You’ve got questions, we know. There’s lots to think about when taking care of a newborn. Our Pediatricians have taken the time to answer some of your most frequently asked questions below. If you need more help, don’t hesitate to call us at (908) 850-7800 to speak with a qualified Pediatrician today.

What about nursing/formula feeding?
  • Nursing is the gold standard against which all other infant feeding is held. It is good for your baby and it is good for you. It helps prevent infant infections, it gets your uterus back to normal size, and it is protective against breast cancer; but you don’t get graded on it. Breast feeding does not and should not define you as a woman and a mother. Generations of babies have grown and thrived on a variety of infant formulas that were far less complete than the ones we have today.
  • Nursing a baby for the first time can be a little unnerving. We instinctively worry that the baby will starve, we can’t measure the amount of colostrum or milk he is getting, and there are all sorts of well meaning relatives and experts offering conflicting advice. We need to remember that breast feeding is not under conscious control; learning all about it is not the same thing as doing it. Sometimes we need to turn off our thinking brain, relax, and trust our bodies.
  • Suckling is the stimulus that causes your body to produce and release milk; so frequent nursing is the best way to “bring your milk in.” However some babies seem indifferent or outright disinterested, and prolonged nursing right after delivery can result in cracked, sore nipples (even if your baby latches on properly). Pain is not a great inducement to keep nursing a baby. It has become common for new moms to use a breast pump to collect breast milk which is then fed to the baby in a bottle. A pump doesn’t require your baby’s participation and is easier on your skin; but it does not induce milk production and sometimes you end up formula feeding your baby…not a crime but maybe not what you intended.
  • Before nursing wash your hands with plain soap and water, wipe your nipples with plain water and pat them dry. Don’t scrub them!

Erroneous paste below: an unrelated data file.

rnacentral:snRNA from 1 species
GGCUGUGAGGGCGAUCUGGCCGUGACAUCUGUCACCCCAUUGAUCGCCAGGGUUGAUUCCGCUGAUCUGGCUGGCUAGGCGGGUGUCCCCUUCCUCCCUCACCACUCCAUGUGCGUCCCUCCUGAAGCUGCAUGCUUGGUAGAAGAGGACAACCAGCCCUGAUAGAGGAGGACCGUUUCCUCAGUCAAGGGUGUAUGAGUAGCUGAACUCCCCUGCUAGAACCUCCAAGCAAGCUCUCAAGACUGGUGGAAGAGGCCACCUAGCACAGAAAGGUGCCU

• Most women hold the baby in one arm so a hand is free to support the nursing breast and make the nipple accessible, but you can position the baby any way that is comfortable for you.
  • Guide the nipple into the baby’s mouth; at the same time keep the breast from interfering with her breathing. You may need to encourage her to nurse by gently stroking the cheek nearest the breast. Usually this will make her turn her head and hunt for the nipple (rooting). You may have to stroke her feet or wipe her forehead with a moist cloth to rouse a sleepy baby.
  • Your milk may not come in for 3-4 days. This is normal. Your body is producing colostrum during that time which primes the baby’s gastro- intestinal system.
  • Some newborns are feeding machines, but many babies don’t know how to nurse and it can take them a frustratingly long time to figure it out. Be patient. Keep him at or near the breast even if he isn’t feeding. Have your baby nurse equally from both breasts for the first day or two. After the first few days let him nurse 5minutes on one breast, 10-15minutes on the other and reverse it at the next feeding. If you go longer than 20-30 minutes on a breast you may not be accomplishing much more than making your nipples sore.
  • After the first few weeks you can substitute a bottle feeding. It’s a good way to involve dad. You will appreciate the sleep if you can get him to take a night feeding.
  • You can eat anything you normally eat, in moderation. Drink plenty of fluids, especially during the summer. Do not drink alcohol. If you are a smoker this is a good time to quit.
  • You should continue taking your pre-natal vitamins. We will prescribe a fluoride/iron vitamin for your baby at the six month visit. Acetaminophen and Ibuprofen are safe for you and your baby. Please check with us before taking other medication.
  • For you men: Nursing is hard physical and psychological work for a new mom. Your wife/partner may get a little cranky. You had better be a great cheerleader, all around support guy, and have a pretty good sense of humor.
What about formula?
  • There are several very good cows’ milk formulas on the market. They are all vitamin and iron enriched and have DHA and probiotics added. Most major brands also have modified cow’s milk formulas that may help babies with feeding problems. There are also highly modified and synthetic formulas, but they are expensive and seldom necessary. We very rarely use soy based formulas.
  • Some of our families exclusively use organic formulas. Beyond the general concept that production additives or contaminants could have unintended or adverse effects on your baby there is no data that these are safer or better in any measurable way. They are usually a little more expensive. Every manufacturer has an organic line.